Monash University Accident Research Centre - Report #240 
Authors: N. Haworth & C. Mulvihill
Full report in .pdf format [320KB]
This report reviews current motorcycle licensing and training systems in Australia and compares these to best practice for motorcycle licensing and training. An optimal model for motorcycle licensing and training in Australia is proposed.
Motorcycle riding requires higher levels of both vehicle control and cognitive skills than car driving. In addition, the potential outcomes of any failure on the part of the rider, other road users or the road environment are severe. In order to achieve substantial improvements in the safety of motorcycling, the rider training and licensing systems may need to be quite different than those for cars. The research suggests that any safety benefits of motorcycle licensing and training probably result more from reductions in the total amount of riding than from reductions in crash risk per kilometre travelled.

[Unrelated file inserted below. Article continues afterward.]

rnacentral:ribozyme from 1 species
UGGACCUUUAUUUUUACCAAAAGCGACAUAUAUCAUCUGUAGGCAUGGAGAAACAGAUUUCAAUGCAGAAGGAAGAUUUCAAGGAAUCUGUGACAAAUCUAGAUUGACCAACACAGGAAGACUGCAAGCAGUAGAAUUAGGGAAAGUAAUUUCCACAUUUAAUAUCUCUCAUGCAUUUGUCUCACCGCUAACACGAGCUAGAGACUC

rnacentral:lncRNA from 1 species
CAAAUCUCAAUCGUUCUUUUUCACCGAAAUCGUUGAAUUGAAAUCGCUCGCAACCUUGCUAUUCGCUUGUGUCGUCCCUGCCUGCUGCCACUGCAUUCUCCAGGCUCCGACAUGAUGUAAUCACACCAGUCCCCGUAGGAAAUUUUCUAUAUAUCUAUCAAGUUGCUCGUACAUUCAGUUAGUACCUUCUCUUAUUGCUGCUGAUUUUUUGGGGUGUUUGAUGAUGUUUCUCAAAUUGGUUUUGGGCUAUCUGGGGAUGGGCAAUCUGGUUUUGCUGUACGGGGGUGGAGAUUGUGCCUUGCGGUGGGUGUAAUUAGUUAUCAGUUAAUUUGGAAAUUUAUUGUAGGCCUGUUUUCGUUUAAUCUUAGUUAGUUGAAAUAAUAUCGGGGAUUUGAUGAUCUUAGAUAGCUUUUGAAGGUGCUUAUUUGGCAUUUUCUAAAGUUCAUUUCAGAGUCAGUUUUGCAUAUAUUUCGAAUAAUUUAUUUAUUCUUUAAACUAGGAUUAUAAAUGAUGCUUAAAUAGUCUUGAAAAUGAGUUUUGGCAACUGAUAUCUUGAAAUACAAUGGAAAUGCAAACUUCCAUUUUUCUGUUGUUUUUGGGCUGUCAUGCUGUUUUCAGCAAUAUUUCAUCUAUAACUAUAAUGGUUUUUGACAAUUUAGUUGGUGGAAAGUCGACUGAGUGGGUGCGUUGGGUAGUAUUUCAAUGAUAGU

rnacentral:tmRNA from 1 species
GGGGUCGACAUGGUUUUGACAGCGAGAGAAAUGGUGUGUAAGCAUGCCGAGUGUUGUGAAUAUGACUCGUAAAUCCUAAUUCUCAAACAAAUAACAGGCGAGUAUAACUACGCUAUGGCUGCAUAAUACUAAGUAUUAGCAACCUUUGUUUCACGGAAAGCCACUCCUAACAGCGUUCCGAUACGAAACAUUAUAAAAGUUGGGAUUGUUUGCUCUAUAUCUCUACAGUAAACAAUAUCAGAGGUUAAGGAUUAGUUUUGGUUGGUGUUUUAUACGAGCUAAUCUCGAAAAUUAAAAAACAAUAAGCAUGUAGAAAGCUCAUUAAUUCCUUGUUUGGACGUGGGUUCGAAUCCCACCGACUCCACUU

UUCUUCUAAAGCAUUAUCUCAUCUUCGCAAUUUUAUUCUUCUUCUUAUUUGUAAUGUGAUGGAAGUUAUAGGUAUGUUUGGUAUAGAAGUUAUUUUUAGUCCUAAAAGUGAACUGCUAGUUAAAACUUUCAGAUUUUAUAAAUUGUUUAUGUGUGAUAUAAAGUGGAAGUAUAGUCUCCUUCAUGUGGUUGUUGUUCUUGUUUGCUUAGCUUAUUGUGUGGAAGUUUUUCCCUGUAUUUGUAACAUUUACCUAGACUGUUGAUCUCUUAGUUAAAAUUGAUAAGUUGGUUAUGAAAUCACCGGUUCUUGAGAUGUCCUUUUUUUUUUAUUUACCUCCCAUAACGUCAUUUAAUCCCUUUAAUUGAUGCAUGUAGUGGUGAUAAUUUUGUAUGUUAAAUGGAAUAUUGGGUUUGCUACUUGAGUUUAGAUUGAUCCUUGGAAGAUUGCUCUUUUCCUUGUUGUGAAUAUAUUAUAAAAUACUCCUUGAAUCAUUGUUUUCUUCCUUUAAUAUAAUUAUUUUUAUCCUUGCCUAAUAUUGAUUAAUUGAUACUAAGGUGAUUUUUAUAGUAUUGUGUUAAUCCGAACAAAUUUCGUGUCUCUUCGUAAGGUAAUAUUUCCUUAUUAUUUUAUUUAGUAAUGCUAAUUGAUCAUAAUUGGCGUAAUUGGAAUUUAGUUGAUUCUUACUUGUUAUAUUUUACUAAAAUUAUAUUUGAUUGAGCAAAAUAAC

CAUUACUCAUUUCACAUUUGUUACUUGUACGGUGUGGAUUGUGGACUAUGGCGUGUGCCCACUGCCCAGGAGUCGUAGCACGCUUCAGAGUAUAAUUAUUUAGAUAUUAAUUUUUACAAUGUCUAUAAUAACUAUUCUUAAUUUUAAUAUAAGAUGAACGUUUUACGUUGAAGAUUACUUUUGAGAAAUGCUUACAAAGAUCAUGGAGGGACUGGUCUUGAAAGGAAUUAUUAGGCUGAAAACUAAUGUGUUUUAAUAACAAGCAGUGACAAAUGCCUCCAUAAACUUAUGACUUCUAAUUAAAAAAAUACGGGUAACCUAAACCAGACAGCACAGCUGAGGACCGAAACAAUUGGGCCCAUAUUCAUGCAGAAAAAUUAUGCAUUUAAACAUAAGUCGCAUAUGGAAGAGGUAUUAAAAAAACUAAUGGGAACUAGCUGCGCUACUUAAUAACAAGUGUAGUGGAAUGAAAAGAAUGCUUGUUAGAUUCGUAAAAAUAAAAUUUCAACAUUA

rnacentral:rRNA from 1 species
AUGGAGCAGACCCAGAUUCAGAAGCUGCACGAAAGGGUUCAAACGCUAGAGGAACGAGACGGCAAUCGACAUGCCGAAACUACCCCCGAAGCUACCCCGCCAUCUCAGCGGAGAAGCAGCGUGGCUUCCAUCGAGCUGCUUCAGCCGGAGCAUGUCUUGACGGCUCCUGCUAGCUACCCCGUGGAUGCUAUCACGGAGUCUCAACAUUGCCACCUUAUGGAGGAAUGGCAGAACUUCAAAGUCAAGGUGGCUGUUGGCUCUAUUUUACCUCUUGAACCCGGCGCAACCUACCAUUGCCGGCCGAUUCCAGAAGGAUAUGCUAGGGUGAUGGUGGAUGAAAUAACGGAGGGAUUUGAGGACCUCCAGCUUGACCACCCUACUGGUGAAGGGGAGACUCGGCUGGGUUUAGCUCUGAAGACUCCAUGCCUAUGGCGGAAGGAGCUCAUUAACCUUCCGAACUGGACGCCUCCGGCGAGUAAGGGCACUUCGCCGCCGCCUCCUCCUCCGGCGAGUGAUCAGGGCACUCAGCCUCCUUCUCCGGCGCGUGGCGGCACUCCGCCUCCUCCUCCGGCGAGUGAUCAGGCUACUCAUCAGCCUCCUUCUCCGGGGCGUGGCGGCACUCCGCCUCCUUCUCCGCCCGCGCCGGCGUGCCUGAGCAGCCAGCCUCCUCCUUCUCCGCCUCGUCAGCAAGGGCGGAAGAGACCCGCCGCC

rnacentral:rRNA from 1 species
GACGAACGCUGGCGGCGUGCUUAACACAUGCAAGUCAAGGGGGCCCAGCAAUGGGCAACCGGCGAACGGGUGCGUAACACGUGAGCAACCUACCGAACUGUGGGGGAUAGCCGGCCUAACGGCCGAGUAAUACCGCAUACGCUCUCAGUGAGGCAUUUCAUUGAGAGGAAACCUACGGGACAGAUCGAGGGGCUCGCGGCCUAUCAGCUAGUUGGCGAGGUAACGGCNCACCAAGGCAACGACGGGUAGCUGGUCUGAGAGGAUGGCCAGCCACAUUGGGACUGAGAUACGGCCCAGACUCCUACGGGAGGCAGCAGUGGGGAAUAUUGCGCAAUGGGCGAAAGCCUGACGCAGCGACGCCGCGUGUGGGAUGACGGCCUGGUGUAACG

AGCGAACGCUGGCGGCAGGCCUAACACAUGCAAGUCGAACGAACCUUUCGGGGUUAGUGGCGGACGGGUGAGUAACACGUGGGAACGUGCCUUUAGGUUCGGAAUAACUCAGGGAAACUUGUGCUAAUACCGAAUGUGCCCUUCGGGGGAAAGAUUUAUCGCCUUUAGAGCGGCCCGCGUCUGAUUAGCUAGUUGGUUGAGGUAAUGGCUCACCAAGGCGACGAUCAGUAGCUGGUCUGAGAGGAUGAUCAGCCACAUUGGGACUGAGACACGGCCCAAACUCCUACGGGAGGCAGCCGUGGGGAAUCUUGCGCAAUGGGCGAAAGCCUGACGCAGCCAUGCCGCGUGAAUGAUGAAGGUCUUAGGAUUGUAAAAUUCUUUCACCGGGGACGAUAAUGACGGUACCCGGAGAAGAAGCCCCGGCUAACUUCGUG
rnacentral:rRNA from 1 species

The system proposed should lead to improved safety outcomes because of the increased minimum age, longer provisional period and the greater duration of training. The need for a restricted licence with the same conditions as the motorcycle provisional licence, to apply to riders who already have a full car licence, must be underlined.
In an optimal model, and following the principles of graduated licensing, granting a motorcycle licence should be seen as a higher step in licensing than granting a car licence, in the same way that a heavy vehicle licence is considered a more advanced form of licence than a car licence.
Training and licensing systems operate as a system and changing the mix of components can alter the effectiveness of individual components. Any potential interactive effects should be carefully examined before changing a proposed or current training and licensing system.
Sponsoring organisation - Tasmanian Department of Infrastructure, Energy and Resources